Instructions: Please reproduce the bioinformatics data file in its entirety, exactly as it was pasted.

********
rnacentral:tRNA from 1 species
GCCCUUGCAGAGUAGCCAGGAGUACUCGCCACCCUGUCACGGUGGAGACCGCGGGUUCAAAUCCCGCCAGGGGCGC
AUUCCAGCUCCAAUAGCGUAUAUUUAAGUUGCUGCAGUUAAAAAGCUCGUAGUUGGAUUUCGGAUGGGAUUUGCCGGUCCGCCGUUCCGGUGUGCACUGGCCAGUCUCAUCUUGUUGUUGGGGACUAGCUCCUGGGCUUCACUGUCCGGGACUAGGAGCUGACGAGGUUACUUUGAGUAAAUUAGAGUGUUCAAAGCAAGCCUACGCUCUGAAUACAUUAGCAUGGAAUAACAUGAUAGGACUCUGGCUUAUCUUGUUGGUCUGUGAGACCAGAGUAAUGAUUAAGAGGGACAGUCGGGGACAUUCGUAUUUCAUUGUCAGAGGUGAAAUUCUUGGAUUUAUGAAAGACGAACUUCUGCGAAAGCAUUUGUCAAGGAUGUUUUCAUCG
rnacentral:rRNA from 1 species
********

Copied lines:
rnacentral:tRNA from 1 species
GCCCUUGCAGAGUAGCCAGGAGUACUCGCCACCCUGUCACGGUGGAGACCGCGGGUUCAAAUCCCGCCAGGGGCGC
AUUCCAGCUCCAAUAGCGUAUAUUUAAGUUGCUGCAGUUAAAAAGCUCGUAGUUGGAUUUCGGAUGGGAUUUGCCGGUCCGCCGUUCCGGUGUGCACUGGCCAGUCUCAUCUUGUUGUUGGGGACUAGCUCCUGGGCUUCACUGUCCGGGACUAGGAGCUGACGAGGUUACUUUGAGUAAAUUAGAGUGUUCAAAGCAAGCCUACGCUCUGAAUACAUUAGCAUGGAAUAACAUGAUAGGACUCUGGCUUAUCUUGUUGGUCUGUGAGACCAGAGUAAUGAUUAAGAGGGACAGUCGGGGACAUUCGUAUUUCAUUGUCAGAGGUGAAAUUCUUGGAUUUAUGAAAGACGAACUUCUGCGAAAGCAUUUGUCAAGGAUGUUUUCAUCG
rnacentral:rRNA from 1 species